On the day of the Jakarta marathon, Dr. Gunhild A. Stordalen spoke at our first regional roundtable. Her focus responded to the energies of the bustling megacity, which on that day would see thousands of running enthusiasts navigating their way through its streets; encouraged by the cheers of the city and the buzz of competition to “make them run faster, further and be stronger than they ever thought possible”.
Her speech was all about the momentums of change, and how our perceptions of sustainable action can reach as far as and challenge the systems in which they are born out of. Recounting her own career, she traced how pace had once kept different sectors in distinct places. The sheer complexities of our globalizing world continues to blend and blur the boundaries which once separated these systems. The Sustainable Development Goals (SDGs) raised the bar of potentials for a total shift in mind-set. Distinct knowledge and business practices were no longer fit enough to truly respond to the targets and to create any profound global change. She stated, “it has become widely accepted that system transformation requires coordinated efforts and collaboration across sectors and disciplines”.
The togetherness in the endurance of the Jakarta marathon runners that day signalled that speed alone will not enable us to achieve the #GlobalGoals. When surrounded by others, it becomes impossible to ignore and more plausible to interact. Yes, corporate benchmarking can help catalyse a race to the top, but their presence can also lay the foundations for more systemic change. The process of transparent tracking and ranking procedures can dual-impose credit for the front-runners and accountability for those trailing behind the pack. “On this planet, we are all one team. If everybody doesn’t cross the finish line in time, nobody wins.”
Eat Foundation’s focus on reshaping the food system into a health-driven, sustainable, efficient and inclusive force for change, represents an invaluable cog within the World Benchmarking Alliance machine. Our regional roundtable in Jakarta made significant headway in mapping out the pathways for cross-sectoral, dynamic action and we are extremely happy to have EAT as an ally.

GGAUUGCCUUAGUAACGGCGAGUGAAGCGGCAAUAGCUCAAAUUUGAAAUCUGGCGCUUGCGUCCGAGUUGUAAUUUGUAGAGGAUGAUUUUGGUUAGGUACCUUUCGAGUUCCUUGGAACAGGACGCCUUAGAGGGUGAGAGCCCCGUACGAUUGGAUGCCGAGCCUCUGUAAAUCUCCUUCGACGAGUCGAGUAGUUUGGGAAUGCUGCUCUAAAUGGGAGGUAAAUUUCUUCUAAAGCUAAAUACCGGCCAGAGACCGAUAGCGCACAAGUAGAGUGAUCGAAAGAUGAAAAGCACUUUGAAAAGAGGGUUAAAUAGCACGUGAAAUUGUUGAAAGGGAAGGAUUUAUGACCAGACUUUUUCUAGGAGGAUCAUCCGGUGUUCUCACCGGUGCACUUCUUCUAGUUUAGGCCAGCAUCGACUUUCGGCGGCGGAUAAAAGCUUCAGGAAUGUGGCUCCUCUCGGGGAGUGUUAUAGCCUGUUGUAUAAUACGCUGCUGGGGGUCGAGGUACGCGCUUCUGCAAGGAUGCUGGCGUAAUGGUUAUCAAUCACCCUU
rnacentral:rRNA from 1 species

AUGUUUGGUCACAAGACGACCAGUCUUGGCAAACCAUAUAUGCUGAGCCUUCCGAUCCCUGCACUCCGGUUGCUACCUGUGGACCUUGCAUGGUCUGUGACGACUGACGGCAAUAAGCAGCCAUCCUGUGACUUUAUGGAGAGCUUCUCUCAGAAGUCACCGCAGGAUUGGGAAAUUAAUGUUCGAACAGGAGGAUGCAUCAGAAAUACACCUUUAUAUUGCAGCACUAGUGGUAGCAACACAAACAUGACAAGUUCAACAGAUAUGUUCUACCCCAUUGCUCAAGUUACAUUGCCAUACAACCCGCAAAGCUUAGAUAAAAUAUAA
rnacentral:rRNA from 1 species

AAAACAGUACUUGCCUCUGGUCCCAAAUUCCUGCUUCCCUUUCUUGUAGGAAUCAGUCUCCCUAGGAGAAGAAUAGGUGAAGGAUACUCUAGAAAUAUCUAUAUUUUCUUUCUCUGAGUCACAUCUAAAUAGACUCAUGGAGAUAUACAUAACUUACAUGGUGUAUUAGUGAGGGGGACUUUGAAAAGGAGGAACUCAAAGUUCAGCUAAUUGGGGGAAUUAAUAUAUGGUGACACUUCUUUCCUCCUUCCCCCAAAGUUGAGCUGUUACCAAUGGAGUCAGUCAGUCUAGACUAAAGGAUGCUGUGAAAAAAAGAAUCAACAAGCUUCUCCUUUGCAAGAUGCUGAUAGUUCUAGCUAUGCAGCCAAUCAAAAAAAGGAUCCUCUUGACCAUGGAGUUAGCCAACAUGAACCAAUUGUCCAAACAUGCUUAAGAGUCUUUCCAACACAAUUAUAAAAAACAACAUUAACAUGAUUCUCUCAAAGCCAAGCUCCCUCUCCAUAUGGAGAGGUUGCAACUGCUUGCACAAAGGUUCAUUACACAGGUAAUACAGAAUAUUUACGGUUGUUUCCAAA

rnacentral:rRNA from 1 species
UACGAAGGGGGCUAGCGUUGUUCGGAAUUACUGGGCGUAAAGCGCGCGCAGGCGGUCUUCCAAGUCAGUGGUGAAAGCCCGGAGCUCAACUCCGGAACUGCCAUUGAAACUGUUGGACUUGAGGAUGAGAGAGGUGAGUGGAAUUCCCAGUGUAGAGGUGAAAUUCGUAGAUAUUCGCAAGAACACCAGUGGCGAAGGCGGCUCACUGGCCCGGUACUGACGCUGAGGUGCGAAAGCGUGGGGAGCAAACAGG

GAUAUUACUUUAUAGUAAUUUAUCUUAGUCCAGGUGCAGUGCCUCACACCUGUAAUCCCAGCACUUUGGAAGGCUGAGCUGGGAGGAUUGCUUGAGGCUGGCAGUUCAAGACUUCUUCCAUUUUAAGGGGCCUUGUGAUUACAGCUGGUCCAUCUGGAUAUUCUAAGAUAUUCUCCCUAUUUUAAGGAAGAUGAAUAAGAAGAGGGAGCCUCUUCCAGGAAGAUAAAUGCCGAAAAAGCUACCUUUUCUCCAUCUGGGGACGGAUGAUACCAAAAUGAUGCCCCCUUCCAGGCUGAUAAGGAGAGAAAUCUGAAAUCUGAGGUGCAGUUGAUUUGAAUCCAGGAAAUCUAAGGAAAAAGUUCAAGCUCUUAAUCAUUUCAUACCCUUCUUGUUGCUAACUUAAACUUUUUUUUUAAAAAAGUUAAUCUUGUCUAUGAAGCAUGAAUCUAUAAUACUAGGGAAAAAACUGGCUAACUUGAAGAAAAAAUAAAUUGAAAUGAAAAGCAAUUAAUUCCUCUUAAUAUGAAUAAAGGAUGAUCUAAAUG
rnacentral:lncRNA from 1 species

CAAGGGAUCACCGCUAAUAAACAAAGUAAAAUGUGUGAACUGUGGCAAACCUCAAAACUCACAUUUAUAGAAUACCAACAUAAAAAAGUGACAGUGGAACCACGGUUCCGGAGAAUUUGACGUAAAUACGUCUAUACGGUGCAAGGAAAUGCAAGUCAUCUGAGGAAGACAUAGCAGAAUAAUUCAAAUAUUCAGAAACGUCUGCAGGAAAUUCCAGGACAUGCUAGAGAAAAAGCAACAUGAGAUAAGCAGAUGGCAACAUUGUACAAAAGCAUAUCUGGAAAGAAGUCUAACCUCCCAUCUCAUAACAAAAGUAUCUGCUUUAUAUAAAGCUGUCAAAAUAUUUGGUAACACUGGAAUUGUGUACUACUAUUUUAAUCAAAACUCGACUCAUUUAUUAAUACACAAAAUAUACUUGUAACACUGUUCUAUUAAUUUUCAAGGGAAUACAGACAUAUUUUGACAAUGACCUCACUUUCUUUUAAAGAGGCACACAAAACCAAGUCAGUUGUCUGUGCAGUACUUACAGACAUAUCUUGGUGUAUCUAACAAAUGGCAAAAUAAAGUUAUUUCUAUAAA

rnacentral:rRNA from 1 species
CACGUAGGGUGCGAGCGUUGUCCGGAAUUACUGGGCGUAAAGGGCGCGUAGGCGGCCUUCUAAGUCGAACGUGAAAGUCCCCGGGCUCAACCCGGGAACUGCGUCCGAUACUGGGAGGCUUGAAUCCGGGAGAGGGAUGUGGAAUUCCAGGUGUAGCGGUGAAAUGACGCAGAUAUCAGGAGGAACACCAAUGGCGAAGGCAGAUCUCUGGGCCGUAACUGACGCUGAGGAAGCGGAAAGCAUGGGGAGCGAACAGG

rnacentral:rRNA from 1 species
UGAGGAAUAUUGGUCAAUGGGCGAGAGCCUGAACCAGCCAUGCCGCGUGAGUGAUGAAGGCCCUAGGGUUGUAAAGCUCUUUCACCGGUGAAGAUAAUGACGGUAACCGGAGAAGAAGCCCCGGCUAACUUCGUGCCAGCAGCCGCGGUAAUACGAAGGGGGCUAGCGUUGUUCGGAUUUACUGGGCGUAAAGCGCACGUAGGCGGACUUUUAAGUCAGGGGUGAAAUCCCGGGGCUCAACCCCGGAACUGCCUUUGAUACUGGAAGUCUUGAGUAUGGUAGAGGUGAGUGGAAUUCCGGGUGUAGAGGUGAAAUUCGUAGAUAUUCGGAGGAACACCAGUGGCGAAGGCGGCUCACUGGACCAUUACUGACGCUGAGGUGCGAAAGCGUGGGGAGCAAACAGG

Aviva is one of the world’s largest insurance and asset management companies, its history tracing back more than 300 years. It has operations in 16 markets around the world, but through its investment portfolio, Aviva’s reach extends to a broader and larger group of consumers. The company is a LEAD member of the Global Compact; a founding member of both the UN Principles of Responsible Investment and the UN Sustainable Stock Exchange Initiative. It is also a frontrunner in responsible investments, using its influence to support more sustainable business and ultimately a more sustainable economy and society. Aviva is an active contributor and user of different corporate sustainability benchmarks, including a founding member of the Corporate Human Rights Benchmark. Aviva’s CEO Mark Wilson is a member of the Business and Sustainable Development Commission (BSDC) and is personally committed to driving forward the sustainable development agenda and the creation of the WBA.
The Business & Sustainable Development Commission (BSDC) aims to make a powerful business case for achieving a sustainable, inclusive economy. Its flagship report Better Business, Better World, launched in January 2017, maps the economic prize for companies that align with the SDGs, and shows how to achieve them. The report includes the creation of SDGs benchmarks as one of the key recommendations. The Business Commission aims to make a powerful business case for achieving a sustainable and inclusive economy, if the UN Sustainable Development Goals are achieved. In its flagship report, Better Business, Better World, the Commission describes how business can contribute to delivering these goals. Chaired by Lord Mark Malloch-Brown, the Commission include 37 leaders from business, finance, civil society, labour, and international organisations from around the world.p>
Index Initiative is a centre of expertise in benchmarking corporate performance against stakeholder expectations. It seeks to propel the use of benchmarks to engage and bring purpose and clarity on the role of companies in contributing to the SDGs closest to their core business. A non-profit based in Amsterdam, The Netherlands, Index Initiative’s research and benchmarks are free and accessible to all. Index Initiative will conduct the global consultation on the World Benchmarking Alliance.
The United Nations Foundation builds public-private partnerships to address the world’s most pressing problems, and broadens support for the United Nations through advocacy and public outreach. Through innovative campaigns and initiatives, the Foundation connects people, ideas, and resources to help the UN solve global problems. The Foundation was created in 1998 as a U.S. public charity by entrepreneur and philanthropist Ted Turner and now is supported by philanthropic, corporate, government, and individual donors.